Saturday, 3 October 2015

Why women in Canada should argue in favour of another woman’s right to wear a Niqab to her Canadian Citizenship ceremony.

1.       We celebrate our multiculturalism until, sadly, we don’t. Traditional dress has long been a celebrated part of the Citizenship Ceremony. And it’s explicitly allowed. This isn’t the Oscars …… people get to dress themselves.
2.       Defrocking is oppressive. In our long a sad human history of conquering, enslaving, dehumanizing, and exterminating each other (over cultural, ethnic, religious, or geographical differences) women and children usually bear the worst of the humiliations. History is rife with the kidnappings, rapes, and murders of women. Women being used as fodder. Women being used as human shields. And then there’s all the defrocking we do to a conquered woman. Women prisoners are often stripped, and forced out of the familiar and safe comfort of their own garb. Often their hair is cut violently. Both are often done in direct violation of her beliefs and sense of modesty. Some of those humiliations may even make it impossible for her to ever return home. Forcibly defrocking a women is not liberation. It is an entirely new kind of oppression.  
3.       The public humiliation of women as a means to send a message is not ok. Within a culture women are often publically humiliated to send a message about the “norms” of society and noncompliance. Scarlet letters, stonings, town square barracks, public burnings and hangings …. All over things such as affairs, infidelity, pregnancy out of wedlock, abortion. But the man? Nope. Dragging a women out into the public eye and humiliating her for being different is a very effective tool. It’s cruel. It’s unfair. It is misogynistic. It is very very common throughout history and in most cultures. Common but certainly not OK.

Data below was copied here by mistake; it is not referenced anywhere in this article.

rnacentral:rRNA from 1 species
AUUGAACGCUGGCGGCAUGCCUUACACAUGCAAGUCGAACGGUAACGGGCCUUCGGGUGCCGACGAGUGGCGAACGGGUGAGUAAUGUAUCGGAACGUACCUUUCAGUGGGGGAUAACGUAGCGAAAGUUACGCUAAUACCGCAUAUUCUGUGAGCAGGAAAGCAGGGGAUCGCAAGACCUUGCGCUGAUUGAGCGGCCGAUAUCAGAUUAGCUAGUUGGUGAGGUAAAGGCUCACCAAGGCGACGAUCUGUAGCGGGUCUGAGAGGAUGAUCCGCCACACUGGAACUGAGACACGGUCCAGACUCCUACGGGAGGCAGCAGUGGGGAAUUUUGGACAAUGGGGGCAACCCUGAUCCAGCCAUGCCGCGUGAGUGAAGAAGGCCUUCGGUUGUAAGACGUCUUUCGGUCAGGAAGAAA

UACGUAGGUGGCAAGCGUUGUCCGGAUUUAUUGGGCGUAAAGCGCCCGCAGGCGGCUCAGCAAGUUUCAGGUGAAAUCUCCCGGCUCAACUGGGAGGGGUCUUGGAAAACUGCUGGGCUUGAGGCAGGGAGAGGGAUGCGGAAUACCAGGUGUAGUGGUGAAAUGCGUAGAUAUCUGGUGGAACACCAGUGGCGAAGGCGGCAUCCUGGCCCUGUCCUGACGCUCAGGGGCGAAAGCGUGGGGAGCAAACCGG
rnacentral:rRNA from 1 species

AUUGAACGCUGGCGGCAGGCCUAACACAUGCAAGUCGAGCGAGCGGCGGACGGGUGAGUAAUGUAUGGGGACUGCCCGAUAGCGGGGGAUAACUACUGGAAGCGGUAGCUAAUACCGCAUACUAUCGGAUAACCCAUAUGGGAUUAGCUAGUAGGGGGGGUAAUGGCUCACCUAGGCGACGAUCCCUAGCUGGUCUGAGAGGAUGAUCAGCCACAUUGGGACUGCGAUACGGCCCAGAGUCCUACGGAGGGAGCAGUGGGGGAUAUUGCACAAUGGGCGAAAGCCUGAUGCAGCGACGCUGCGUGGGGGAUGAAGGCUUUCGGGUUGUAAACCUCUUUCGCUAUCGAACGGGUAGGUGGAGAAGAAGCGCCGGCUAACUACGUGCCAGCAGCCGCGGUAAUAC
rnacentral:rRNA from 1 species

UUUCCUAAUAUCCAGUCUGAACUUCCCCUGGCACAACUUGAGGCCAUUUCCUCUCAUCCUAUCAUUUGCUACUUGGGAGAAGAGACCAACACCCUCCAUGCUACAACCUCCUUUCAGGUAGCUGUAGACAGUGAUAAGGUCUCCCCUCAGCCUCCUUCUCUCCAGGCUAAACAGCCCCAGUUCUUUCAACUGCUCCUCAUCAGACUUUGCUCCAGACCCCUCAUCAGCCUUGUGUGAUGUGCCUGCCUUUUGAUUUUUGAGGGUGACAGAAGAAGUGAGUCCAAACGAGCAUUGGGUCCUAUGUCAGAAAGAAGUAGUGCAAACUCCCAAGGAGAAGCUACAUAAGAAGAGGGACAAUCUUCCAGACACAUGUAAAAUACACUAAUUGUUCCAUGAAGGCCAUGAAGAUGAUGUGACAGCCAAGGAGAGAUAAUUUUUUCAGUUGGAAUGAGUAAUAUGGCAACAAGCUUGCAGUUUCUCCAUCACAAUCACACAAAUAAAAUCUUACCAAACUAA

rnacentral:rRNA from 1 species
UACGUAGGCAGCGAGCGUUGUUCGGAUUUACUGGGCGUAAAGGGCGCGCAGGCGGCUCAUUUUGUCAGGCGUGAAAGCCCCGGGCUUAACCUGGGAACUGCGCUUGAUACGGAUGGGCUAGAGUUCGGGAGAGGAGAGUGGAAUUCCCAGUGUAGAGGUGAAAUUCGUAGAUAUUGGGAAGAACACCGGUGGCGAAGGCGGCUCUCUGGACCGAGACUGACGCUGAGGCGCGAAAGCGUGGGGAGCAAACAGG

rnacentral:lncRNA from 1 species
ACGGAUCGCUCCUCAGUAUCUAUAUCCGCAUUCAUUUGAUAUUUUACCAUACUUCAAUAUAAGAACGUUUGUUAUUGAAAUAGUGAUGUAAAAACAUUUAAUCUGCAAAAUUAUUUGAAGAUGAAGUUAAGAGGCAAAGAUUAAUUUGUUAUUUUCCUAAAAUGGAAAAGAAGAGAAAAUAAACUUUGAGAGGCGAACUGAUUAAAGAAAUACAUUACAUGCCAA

4.       There is no “us” without “them”. Canada may have been founded philosophically by the French and the English, but they’ve never ever been the only game in town. The First Nations were here for Millennia before the English and the French. The Norwegians/Vikings too. Slaves were brought. There were Canadian slaves for a long time….. look it up. (And we enslaved First Nations people).  And although they were mostly of African origin, they represented a wide range of peoples. Canada may have been the infamous final stop of the underground railroad (and Canada had laws that no escaped or emancipated slave could be re-enslaved) but slavery wasn’t abolished until 1834 (in the states is was 1827). There is no real way to be sure of the number of people from non- French or non English backgrounds at the time of Canada’s birth in 1867 ……. But there was never an “us” without a “them” who were summarily dismissed and ignored. The notion of speak like us, dress like us, act like us, look like us or you will never belong and never be included is rooted in our history; and it is nothing to be proud of. Canada is full of stories about kids not fitting in because they were brown, because of their accent, because of their beliefs. It was conform or die. Many of them did. A first generation Canadian child growing up in my time was ashamed of their culture, hid their culture, lied about their culture, was called names because of their culture. Do you want to know why there were so many people from so many cultures around my parent’s holiday tables? Because my parents had the infinitely deep wisdom to accept all cultures. To value those differences and have curiosity about people's experiences. My parents felt honoured that they would share all those beautiful differences. How exceptionally lucky I was to grow up in that. How amazingly lucky we all were to meet all those perfectly perfect Canadians. How very simple it truly ended up being to make sure everyone felt safe and accepted. A Muslim friend I grew up with recently reminded me that on the morning of 9/11 my parents stood helplessly watching, just like most of us did. And in the absence of anything they could do to help anyone actually really involved, they did the next best thing. They dropped in on their Muslim friends and neighbours just to make sure they were ok. My parents sensed there would be dark days ahead, baseless assumptions and accusations, and a real tangible erosion in acceptance. So they invited themselves over for tea ……. Just to say “I see you for you. And I like who I see.”